Kawasaki Motorcycle Forums banner

1 - 7 of 7 Posts

·
Registered
Joined
·
77 Posts
Discussion Starter #1
I tried searching before posting but really couldn't find anything.

I'm looking for heated gloves. I'm looking at these, which are pricey but the reviews are good.

http://www.gerbing.com/pages/clothing/gloves.html

Also I admit knowing little about amps/watts/voltage. I'm learning and very humble about my lack of knowledge about electrics/electronics.

Is 22 watts a lot of power being sucked out of a bikes' battery?

Any opinoins greatly appreciated

Suresh
PS. 32 Degrees F here in BOS tonight.
 

·
Registered
Joined
·
65 Posts
I've been checking out Gerbing's products also lately and found this information on their website:

Gerbing website said:
Electrical Draw
Having your heated clothing run at optimal levels depends in part on the health of your electrical system.

If you have a problem, first check all connections for tightness and wires for proper routing and insulation integrity. Also check the fuse.
Some motorcycles' charging systems do not put out full power when the rpm's drop, such as when in town or idling. You may wish to turn down the heat when you come into town.
Other accessories use up electrical power needed to power your heated clothing. Add up your power needs and subtract them from your alternators peak power output (available from your dealer). For example, if the bike puts out 280 watts, and 130 watts are needed to run the bike, then 150 watts remain. There is plenty of power for a Gerbing's jacket or jacket liner at 77 watts.
Go find out what your bike puts out versus how much it uses.

I also found this. It might be helpful because it will give you a rough idea of how extra long batteries will last (ones not connected to your bike's system).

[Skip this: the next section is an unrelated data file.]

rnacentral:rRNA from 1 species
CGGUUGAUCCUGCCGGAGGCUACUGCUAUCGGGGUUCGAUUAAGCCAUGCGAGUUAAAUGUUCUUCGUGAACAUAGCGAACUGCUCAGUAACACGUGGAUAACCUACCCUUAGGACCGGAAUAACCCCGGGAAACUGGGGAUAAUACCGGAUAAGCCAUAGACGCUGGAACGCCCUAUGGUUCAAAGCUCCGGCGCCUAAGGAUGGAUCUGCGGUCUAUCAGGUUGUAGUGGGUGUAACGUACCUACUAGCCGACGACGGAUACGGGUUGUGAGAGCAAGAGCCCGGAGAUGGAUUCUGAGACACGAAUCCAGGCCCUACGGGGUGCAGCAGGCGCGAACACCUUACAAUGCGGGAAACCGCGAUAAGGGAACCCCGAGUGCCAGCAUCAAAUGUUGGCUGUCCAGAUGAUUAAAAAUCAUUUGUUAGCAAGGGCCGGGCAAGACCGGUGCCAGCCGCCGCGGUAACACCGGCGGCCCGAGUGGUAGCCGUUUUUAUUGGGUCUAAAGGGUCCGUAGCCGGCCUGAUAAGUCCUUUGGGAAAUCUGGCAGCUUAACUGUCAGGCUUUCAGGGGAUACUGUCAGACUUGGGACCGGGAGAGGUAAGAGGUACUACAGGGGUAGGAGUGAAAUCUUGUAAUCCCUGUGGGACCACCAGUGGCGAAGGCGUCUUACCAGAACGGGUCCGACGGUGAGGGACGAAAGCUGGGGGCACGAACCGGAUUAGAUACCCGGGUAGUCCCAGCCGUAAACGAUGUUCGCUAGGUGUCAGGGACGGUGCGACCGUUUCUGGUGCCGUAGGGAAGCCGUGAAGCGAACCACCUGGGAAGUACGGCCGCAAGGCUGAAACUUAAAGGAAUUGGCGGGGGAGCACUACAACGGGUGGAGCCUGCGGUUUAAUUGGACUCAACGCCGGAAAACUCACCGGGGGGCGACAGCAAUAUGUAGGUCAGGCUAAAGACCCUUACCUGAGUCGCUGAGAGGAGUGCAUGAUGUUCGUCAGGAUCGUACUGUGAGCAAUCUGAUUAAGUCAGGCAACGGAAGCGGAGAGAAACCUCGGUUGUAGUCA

Gerbing website said:
Portable Batteries
Most of our customers for over the last 20 years have been motorcyclists. Riders can easily connect our clothing to their bike's electrical system and ride warm. The good news is that battery technology has advanced so that now our clothing can be connected to portable batteries.

For carrying with you, we recommend sealed, maintenance free, rechargeable batteries such as manufactured by Globe Union or Interstate Batteries. For $30 or less you can purchase one of these batteries, and for only about another $30 purchase a battery charger.

The bigger the battery, the more power. The capacity of a battery is measured by the number of amps the battery provides per hour. For example, Interstate Batteries makes the following 12 volt batteries:

13.7 lb battery (JC12150) that provides 15 amp hours

8.8 lb battery (PC12100) that provides 10 amp hours

5.7 lb battery (PC1270) that provides 7 amp hours.

How much power do you need? There is no precise answer to this question because how much additional heat you need from our clothing depends on the outside temperature, the clothes you are wearing, and the amount of heat you need before you feel warm. As a guideline, our gloves require 1.8 amps per hour. That means that the light 5.7 lb battery powers our gloves continuously for a little under 4 hours. Our socks also generate 22 watts, and our vest generates 44 watts by itself. So gloves and socks together, or a vest by itself, require 3.6 amps per hour. A continuous power drain heating gloves and socks, or heating a vest, will exhaust the 5.7 lb battery in a little less than 2 hours.